The Georgia conventions of 1850 and 1861: a comparative study .



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Purpose: The purpose of this thesis was to ascertain and compare certain aspects of the Georgia Conventions of 1850 and 1861 in order to obtain information regarding the nature and extent of changes in Georgians’ attitudes toward the union during the interval between these two conventions. A number of factors have been considered, including conditions existing during the pre-convention periods, local leadership, the extent of voter participation in the election of delegates, the size of the popular majorities, the policies proposed during the conventions and the vote on these proposals. While the comparative study required an extensive investigation of these factors in regard to the Convention of 1850, the primary objective of this thesis has been to provide information concerning the secession of Georgia in 1861. Methods: A major portion of this thesis was based on information derived from primary sources. The use of secondary sources was, for the most part, confined to the more general survey of the pre-convention periods, although journals of the Georgia General Assembly as well as the published speeches and private correspondence of various individuals were also utilized. The remainder of the study was based almost exclusively on reports of county meetings and election returns published in contemporary newspapers and on the proceedings of the two conventions. The convention journals and compiled reports of meetings held in various counties prior to the conventions were used in surveys of several categories of local leaders active during both periods. Regional and, to some extent, statewide patters of continuing leadership were determined on the basis of these surveys. The returns in five elections were utilized in the study of voter participation in the election of delegates in 1850 and 1861. The vote in each of the two convention elections was expressed as a percentage of the vote in immediately preceding elections. Thus the total vote in each county in 1850 was calculated as a percentage of the vote cast in these countries in the gubernatorial election held in the fall of 1849. Since two general elections were held just prior to the elections of 1861 (the gubernatorial election of 1859 and the presidential election of 1860), the 1861 vote was expressed as a percentage of the average vote cast in these two elections. The percentages of voter participation in the elections of 1850 and 1861 obtained in this manner wee compared on both a state and regional basis. The study of the popular majority of 1850 was based on the highest vote cast for a unionist candidate and a resistance candidate in each county. The 1861 study was based on the highest vote for a secessionist candidate and a co-operationist candidate in each county. However, in some instances 1861 votes were probabilities projected on the basis of known county majorities or minorities, the known average vote in the county in preceding elections and the average regional percentage of voter participation in the election of 1861. The popular majorities in 1850 and 1861 were expressed as percentages of the combined total of the highest vote cast for the two categories of candidates and compared on both a state and regional basis. Findings: Basic similarities in the more radical of the two policies proposed in the Convention 1850 and the more conservative of the two policies proposed in the Convention of 1861, both of which were rejected, indicate a definite change in the attitudes of most Georgians between 1850 and 1861. This is confirmed by evidence indicating that only a limited number of individual leaders and county electorates demonstrated a consistent attitude by support resistance in 1850 and co-operation in 1861. As a general rule, former union leaders active in 1861 tended to favor co-operation, while former resistance leaders were more inclined to favor secession. Since former unionists made up a large majority of the known continuing leadership, this was, on the whole, a relatively conservative group. However, although former unionists also dominated the known continuing leadership elected in 1861, a majority of these delegates were secessionists. Changes in the relative size of the conservative popular vote were less pronounced than the delegate vote in the two conventions would seem to indicate. This is largely the result of the exaggerated impression of unionist strength conveyed by the overwhelming majority in the Convention of 1850. The unionist majority in this convention was 89 percent as compared to a 64 percent popular majority in the election of delegates. The 55 percent secessionist majority in the Convention of 1861 was also slightly larger than the probable 52 percent popular majority for secession. The actual popular majority for secession in 1861 cannot be determined as a result of the abbreviated form in which the official returns were presented and the incorrect classification of a number of co-operationist delegates in these returns. The probable secessionist majority of 52 percent determined in this study is a downward revision of that cited in the official returns. All four regions in the state show unionist popular majorities in 1850. In 1860 three recorded popular majorities for secession, and one had a co-operationist popular majority. However, the radical percentage of the popular vote increased in all four regions in 1861. Average percentages of voter participation in 1850 and 1861 were similar in the state as a whole; however, the regional analysis revealed significant differences. Increases in average percentages of participation were observed in two regions. Although the average in a third region decreased from 100 percent in 1850 to 91 percent in 1861, voter participation was extremely high in both instances. Moreover, this region made up of only six counties had relatively little effect on the statewide average. The average percentage in 1861 was significantly lower in only one region, the large cotton belt, where the weather was apparently a limiting factor. The results of the regional study as well as increases in the average percentage of participation in counties where candidates were unopposed tends to indicate that voter interest was higher in 1861 than in 1850 but was not fully expressed as a result of a non-political factor.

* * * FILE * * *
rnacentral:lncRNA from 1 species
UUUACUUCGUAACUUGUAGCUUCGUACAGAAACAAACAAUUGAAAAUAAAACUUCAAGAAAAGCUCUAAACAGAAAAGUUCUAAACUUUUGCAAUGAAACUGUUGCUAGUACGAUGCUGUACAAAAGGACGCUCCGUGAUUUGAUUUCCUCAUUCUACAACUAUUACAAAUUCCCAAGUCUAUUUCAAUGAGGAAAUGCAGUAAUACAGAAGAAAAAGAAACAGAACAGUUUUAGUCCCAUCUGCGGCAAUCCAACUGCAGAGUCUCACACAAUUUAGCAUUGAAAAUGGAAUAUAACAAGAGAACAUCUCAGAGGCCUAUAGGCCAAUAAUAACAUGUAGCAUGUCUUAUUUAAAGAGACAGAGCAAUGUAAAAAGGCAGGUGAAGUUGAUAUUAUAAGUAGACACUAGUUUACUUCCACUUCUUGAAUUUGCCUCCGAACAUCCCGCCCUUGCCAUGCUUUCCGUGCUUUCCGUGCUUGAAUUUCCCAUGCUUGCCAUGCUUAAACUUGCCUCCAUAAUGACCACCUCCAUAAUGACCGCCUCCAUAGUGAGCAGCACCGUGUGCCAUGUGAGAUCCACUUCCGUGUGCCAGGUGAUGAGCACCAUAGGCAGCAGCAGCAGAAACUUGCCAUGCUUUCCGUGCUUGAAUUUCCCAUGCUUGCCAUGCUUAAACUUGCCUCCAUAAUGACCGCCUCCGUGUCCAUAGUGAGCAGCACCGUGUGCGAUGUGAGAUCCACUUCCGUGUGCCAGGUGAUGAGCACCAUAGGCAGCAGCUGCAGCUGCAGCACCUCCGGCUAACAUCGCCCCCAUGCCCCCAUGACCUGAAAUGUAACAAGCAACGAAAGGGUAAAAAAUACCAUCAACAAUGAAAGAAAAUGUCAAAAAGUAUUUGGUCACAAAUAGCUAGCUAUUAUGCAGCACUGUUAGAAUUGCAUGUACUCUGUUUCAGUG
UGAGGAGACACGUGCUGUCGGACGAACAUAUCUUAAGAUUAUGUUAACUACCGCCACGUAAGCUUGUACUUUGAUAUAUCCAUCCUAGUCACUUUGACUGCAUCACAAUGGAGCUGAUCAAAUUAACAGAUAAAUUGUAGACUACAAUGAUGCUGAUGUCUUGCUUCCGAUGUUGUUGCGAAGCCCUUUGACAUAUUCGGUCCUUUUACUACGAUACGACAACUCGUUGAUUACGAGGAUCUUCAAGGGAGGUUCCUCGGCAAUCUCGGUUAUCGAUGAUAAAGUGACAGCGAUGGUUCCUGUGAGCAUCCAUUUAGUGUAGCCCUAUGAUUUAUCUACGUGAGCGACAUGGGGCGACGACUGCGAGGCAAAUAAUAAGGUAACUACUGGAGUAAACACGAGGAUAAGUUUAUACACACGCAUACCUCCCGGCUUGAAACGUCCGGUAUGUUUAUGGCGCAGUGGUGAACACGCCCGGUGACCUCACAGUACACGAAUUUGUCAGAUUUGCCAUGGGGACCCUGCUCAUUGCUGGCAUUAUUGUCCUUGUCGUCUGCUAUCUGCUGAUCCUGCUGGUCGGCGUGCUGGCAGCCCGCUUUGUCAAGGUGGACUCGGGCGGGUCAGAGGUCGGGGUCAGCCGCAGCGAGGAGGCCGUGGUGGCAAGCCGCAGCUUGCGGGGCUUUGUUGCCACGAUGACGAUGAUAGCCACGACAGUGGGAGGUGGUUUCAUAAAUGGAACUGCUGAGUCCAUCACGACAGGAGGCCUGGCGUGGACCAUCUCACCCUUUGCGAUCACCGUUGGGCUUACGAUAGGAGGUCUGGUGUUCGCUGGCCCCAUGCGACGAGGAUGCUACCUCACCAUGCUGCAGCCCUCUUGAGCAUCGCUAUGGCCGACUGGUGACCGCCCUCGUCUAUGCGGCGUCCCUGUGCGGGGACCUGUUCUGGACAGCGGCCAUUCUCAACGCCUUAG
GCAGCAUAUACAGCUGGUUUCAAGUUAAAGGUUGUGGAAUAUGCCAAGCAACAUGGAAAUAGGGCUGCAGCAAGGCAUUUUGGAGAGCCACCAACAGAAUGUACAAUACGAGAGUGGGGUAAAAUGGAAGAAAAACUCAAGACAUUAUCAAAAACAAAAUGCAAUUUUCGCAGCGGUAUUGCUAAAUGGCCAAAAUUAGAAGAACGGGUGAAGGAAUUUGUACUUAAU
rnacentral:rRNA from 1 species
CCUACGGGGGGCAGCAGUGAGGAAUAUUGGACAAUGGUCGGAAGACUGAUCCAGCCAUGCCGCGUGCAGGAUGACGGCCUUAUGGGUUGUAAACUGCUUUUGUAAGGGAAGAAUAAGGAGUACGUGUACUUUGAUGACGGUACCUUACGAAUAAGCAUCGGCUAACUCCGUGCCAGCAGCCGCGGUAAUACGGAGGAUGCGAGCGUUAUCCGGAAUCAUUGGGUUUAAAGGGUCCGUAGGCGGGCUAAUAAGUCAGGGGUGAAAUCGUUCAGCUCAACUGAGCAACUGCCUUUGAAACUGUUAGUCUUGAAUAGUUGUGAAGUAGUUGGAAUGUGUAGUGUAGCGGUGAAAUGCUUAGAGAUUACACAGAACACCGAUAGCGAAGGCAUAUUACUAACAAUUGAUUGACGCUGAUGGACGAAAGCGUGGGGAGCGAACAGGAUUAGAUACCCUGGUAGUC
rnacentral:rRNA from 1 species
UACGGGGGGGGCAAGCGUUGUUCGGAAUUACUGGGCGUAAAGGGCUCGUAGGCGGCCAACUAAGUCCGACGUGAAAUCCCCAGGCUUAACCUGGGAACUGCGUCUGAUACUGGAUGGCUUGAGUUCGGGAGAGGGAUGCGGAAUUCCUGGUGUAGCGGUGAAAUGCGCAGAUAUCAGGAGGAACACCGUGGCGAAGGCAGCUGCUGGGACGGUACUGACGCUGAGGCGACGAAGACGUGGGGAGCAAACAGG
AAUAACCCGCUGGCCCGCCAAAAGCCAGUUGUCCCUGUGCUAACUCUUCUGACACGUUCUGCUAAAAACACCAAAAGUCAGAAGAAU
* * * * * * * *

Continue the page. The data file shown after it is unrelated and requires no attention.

Georgia Conventions, attitudes toward union, local leadership, secessionist, unionist